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Zurich offers UK staff 'lockdown leave' on full pay

Tom Belger
·Finance and policy reporter
·2 min read
A logo sign outside of a facility occupied by the Zurich Insurance Group in Vienna, Austria, on September 6, 2018. (Photo by Kristoffer Tripplaar/Sipa USA)
The insurance company Zurich has offered parents facing childcare emergencies two weeks' paid leave. Photo: Kristoffer Tripplaar/Sipa USA.

Insurance company Zurich has offered parents facing childcare emergencies and others with caring responsibilities two weeks' leave on full pay.

The announcement comes as the shutdown of schools across the UK this week has left many parents struggling to balance work and childcare.

Zurich (ZURN.SW) confirmed it would give staff an extra 10 days’ leave, to be taken either individually or consecutively. The move was announced for parents, but Zurich said it would also be available for anyone with other caring commitments.

Steve Collinson, Zurich’s head of HR, said: “With schools closed, working parents will be frantically trying to juggle their jobs and childcare responsibilities.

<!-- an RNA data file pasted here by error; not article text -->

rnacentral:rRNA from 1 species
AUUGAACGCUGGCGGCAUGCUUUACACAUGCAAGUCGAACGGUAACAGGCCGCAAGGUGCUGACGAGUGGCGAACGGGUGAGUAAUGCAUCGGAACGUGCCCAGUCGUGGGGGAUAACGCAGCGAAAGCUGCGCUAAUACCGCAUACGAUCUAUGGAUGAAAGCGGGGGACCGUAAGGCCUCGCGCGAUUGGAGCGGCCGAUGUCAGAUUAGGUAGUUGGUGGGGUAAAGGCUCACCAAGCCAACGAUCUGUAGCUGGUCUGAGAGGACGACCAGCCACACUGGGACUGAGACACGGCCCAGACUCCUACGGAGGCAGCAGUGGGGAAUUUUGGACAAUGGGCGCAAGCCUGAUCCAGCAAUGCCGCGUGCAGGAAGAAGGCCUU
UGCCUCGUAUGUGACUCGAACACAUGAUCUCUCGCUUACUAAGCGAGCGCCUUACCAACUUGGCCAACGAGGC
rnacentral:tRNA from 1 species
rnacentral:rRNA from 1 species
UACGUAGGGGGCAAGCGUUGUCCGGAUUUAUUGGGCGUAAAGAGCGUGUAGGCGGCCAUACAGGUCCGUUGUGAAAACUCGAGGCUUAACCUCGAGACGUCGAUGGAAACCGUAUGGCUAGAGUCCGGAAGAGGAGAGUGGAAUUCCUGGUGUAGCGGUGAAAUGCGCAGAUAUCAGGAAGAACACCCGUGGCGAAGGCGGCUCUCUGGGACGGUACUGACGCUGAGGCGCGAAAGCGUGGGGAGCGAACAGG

“We already offer flexibility for employees who want to change their working hours or structure some days differently. But for parents trying to balance work, childcare and home schooling, this may not be enough.

“We’re helping our employees get through this crisis by offering mums and dads paid time-off so they can look after their health and their family.”

READ MORE: Rishi Sunak told £4.6bn lockdown support won’t go far enough

Labour welcomed the latest government guidance on furlough options for parents left in the lurch by the shutdown of education facilities.

The government’s advice on the job retention scheme states that workers can be furloughed if caring responsibilities arising from COVID-19 mean they are unable to work or working reduced hours.

WATCH: Half-term ‘a long way’ away as parents take on childcare responsibilities

It gives the example of “caring for children who are at home as a result of school or childcare facilities closing,” as well as caring for vulnerable individuals in workers’ households. Staff are advised to speak to employers about “whether they plan to place staff on furlough,” with no obligation on firms to do so, however.

Anneliese Dodds, Labour’s shadow chancellor, said the government had “listened to Labour,” which called for updated guidance on Sunday.

“Now we need further action to promote the scheme to parents and employers, especially the flexible element, and better communication of the critical workers list. The cut-off date for furlough eligibility should be brought forward too,” she said.

A survey by the Trades Union Congress (TUC) earlier this year found one in six mothers had to work as a result of school and childcare closures during the first nationwide lockdown.

WATCH: What you can and can't do during England's third national lockdown

READ MORE: Most UK services firms facing slump even before lockdown